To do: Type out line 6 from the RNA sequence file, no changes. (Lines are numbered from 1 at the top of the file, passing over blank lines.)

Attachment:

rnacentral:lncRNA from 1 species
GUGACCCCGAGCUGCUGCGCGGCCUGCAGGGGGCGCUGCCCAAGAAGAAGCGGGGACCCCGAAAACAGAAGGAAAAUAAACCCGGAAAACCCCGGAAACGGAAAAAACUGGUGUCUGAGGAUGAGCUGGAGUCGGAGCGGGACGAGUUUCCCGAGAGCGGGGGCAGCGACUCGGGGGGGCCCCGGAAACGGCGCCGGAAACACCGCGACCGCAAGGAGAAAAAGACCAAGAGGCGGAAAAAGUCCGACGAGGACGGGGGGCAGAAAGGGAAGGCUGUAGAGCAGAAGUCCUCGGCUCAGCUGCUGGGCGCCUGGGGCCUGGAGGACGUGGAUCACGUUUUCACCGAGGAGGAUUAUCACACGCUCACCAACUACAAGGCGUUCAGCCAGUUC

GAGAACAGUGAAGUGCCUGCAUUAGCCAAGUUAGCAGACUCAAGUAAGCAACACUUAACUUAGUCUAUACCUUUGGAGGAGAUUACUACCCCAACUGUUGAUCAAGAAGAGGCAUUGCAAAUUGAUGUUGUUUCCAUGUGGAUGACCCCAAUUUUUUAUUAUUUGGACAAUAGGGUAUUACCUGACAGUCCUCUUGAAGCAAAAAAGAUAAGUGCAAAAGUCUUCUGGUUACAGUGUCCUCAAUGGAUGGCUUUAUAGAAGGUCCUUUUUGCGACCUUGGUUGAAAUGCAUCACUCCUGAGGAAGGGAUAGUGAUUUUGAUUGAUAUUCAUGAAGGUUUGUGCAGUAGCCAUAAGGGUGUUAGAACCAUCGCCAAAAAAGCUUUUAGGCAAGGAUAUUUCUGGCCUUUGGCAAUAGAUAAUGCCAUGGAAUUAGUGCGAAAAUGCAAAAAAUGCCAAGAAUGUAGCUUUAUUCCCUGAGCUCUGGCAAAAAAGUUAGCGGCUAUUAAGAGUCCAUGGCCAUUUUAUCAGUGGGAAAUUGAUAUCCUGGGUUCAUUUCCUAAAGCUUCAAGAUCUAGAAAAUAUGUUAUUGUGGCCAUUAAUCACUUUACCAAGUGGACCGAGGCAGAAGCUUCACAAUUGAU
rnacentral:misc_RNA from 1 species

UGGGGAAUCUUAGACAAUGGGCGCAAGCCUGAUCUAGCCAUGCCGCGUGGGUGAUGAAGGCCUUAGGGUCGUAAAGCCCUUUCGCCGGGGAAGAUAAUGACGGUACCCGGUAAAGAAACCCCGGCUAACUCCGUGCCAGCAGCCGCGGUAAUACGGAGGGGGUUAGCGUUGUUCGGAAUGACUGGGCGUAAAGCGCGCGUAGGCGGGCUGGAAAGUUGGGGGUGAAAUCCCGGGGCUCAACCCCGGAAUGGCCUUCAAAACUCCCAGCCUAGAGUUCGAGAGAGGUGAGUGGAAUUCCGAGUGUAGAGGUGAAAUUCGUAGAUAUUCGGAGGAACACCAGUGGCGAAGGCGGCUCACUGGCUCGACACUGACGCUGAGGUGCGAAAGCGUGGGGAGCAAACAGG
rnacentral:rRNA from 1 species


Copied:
rnacentral:rRNA from 1 species